Down the rabbit hole

It has been just over a year since I submitted my PhD, and it has certainly been eventful. Arriving at the end of my three years in Cambridge without the prospect of academic employment, my immediate response was to hyperventilate. Having hyperventilated, I then wallowed in self-imposed misery for awhile before embarking on the almost-full-time occupation of job applications. Before I go any further, I must stress that not only did I not have a job (academic or otherwise) but that I had almost convinced myself that the chances of getting an academic job were about as remote as leading the first manned mission to Mars.

So, in writing a blog post about the unexpected academic twists and turns over these past twelve months, I hope for it to be of use to those falling down the same post-PhD rabbit hole, and to demonstrate that things might not be so grim as they first appear.

How did I end up in Leeds?

During the final year of my PhD I was introduced to Professor Graeme Gooday (Centre for HPS, University of Leeds) and a number of academics associated with @LegaciesofWar. My original postdoctoral plan was to develop a project based on wartime and interwar medical practice. However, I eventually reconciled myself to the fact that much was still to be done on the subject of venereological knowledge and practice. By this stage, I had developed working relationships with several staff at Leeds and with Michael Worboys at CHSTM, and hoped to pursue a project on twentieth-century healthcare for venereal diseases. So, I began putting together applications for a British Academy Postdoctoral Fellowship and a Wellcome Trust Research Fellowship.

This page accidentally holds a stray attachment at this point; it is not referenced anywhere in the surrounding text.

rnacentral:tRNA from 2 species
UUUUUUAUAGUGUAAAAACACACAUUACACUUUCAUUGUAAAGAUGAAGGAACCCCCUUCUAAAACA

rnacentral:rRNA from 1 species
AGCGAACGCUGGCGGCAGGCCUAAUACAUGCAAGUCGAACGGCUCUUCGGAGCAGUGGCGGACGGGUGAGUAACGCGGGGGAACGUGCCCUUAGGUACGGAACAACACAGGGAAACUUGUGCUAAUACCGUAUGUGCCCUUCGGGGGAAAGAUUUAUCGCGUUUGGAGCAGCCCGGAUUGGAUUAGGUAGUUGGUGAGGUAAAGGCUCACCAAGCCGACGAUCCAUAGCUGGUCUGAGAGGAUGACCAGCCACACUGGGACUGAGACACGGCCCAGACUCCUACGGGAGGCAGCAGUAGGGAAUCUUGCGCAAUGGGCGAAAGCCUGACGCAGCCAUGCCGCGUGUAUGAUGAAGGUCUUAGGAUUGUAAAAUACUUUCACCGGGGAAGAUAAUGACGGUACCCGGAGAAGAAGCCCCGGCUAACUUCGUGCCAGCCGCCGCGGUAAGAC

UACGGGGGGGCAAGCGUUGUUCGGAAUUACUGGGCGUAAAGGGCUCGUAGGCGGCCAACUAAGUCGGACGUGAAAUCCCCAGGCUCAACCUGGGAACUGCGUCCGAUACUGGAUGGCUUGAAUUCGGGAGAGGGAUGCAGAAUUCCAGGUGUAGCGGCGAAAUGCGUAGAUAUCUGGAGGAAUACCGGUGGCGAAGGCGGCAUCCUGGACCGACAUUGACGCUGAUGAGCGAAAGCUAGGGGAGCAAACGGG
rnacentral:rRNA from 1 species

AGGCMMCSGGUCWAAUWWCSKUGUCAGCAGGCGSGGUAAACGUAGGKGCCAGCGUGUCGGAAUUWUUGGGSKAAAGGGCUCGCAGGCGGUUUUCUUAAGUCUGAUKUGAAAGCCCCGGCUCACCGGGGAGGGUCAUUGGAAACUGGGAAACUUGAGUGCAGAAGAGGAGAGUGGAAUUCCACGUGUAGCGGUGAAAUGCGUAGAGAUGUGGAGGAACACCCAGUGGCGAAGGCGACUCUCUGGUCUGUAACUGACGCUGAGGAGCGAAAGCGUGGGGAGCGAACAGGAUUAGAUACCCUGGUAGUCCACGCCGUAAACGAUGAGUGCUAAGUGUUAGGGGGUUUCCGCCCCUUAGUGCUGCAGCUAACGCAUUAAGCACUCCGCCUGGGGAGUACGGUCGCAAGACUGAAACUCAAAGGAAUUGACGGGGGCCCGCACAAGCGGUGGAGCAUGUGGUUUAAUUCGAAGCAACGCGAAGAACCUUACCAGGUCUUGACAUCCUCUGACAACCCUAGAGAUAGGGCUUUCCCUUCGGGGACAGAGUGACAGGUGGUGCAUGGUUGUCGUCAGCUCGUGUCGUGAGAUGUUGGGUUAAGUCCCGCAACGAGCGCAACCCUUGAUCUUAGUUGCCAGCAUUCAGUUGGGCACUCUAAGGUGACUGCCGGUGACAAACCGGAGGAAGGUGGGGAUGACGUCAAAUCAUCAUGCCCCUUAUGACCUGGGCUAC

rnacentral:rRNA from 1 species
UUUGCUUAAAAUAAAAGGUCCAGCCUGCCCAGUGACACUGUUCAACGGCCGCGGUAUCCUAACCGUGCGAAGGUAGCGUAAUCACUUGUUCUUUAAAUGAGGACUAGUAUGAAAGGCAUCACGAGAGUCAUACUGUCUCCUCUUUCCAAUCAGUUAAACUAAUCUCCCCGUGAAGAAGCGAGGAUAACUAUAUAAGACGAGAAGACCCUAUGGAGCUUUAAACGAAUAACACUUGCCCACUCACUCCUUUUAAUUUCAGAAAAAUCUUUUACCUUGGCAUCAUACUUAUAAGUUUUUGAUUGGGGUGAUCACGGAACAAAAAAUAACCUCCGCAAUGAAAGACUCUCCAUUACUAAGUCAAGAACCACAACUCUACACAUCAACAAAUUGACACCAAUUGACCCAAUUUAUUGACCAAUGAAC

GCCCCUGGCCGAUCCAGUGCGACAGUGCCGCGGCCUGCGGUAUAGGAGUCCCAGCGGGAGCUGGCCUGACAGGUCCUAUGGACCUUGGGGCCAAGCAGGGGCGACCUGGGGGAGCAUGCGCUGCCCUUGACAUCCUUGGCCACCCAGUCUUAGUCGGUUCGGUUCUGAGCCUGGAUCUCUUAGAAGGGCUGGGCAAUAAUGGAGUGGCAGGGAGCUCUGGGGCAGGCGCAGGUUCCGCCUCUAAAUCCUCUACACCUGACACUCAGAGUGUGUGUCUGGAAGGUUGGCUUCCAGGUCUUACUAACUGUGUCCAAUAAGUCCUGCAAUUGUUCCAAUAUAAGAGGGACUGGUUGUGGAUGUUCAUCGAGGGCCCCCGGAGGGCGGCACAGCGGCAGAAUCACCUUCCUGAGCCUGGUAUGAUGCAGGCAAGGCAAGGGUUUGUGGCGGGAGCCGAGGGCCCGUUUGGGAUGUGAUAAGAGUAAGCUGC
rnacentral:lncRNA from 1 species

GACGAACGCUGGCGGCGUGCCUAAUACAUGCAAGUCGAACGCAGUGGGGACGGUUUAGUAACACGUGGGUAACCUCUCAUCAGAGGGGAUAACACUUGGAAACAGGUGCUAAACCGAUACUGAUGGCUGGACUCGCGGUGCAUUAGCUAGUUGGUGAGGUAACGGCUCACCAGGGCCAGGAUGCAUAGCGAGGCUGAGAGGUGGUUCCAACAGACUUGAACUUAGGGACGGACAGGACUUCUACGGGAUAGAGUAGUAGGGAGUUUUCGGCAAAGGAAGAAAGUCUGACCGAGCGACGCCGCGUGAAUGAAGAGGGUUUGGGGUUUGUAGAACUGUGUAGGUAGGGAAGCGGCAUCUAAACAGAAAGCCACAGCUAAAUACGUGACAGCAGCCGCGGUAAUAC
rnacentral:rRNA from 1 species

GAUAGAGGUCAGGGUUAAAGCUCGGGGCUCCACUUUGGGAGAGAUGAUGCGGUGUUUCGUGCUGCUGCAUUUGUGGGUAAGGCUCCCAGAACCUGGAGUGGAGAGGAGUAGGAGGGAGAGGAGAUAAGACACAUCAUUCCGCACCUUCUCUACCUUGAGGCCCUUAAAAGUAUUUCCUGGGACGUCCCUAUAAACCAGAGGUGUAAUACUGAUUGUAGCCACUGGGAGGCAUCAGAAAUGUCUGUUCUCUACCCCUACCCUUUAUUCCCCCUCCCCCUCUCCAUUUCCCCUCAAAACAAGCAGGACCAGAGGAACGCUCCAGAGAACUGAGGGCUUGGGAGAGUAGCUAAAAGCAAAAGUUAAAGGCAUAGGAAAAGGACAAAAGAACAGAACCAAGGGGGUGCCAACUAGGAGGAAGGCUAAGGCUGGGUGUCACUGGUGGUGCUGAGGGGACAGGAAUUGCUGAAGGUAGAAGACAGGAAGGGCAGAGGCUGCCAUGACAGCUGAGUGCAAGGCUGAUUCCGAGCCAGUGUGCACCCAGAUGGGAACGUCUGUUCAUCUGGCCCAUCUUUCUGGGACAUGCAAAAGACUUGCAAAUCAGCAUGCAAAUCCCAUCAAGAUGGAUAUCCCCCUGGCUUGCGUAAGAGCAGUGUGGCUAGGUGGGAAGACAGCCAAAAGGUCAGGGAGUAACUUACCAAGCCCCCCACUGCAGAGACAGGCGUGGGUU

But how to keep body and soul together in the interim?

Having completed my PhD, I found myself without the immediate prospect of paid employment. Knowing that I wanted to move to Leeds, I began applying for temporary administrative jobs within the University. I was fortunate enough to be offered three-months employment in the department with which I hoped to affiliate as an Early Career Researcher. These three months not only gave me paid employment but, importantly, the opportunity to develop working relationships with academic staff, and to form great friendships with a number of the postgraduates.

Applying for academic jobs

During my time as an Education Officer in PRHS, I was constantly applying for academic jobs. For most of these three months it felt like I did nothing but monitor student attendance during the working day, and apply for research fellowships and lectureships after work and during my lunch breaks. Many of these applications were for Junior Research Fellowships and postdoctoral posts on externally funded projects (if you want to read about these types of applications, see my post ‘Applying for academic jobs‘).

Among the applications I submitted was a short-term Fellowship with the Leeds Humanities Research Institute, which are designed to enable ECRs to spend time carrying out research aimed at developing their ability to make strong applications for externally funded postdocs. Happily, I was awarded one of these Fellowships in February, during which I began preparing an application for a Leverhulme Early Career Fellowship, along with materials to be submitted to the second-stage of British Academy Postdoctoral Fellowship selections.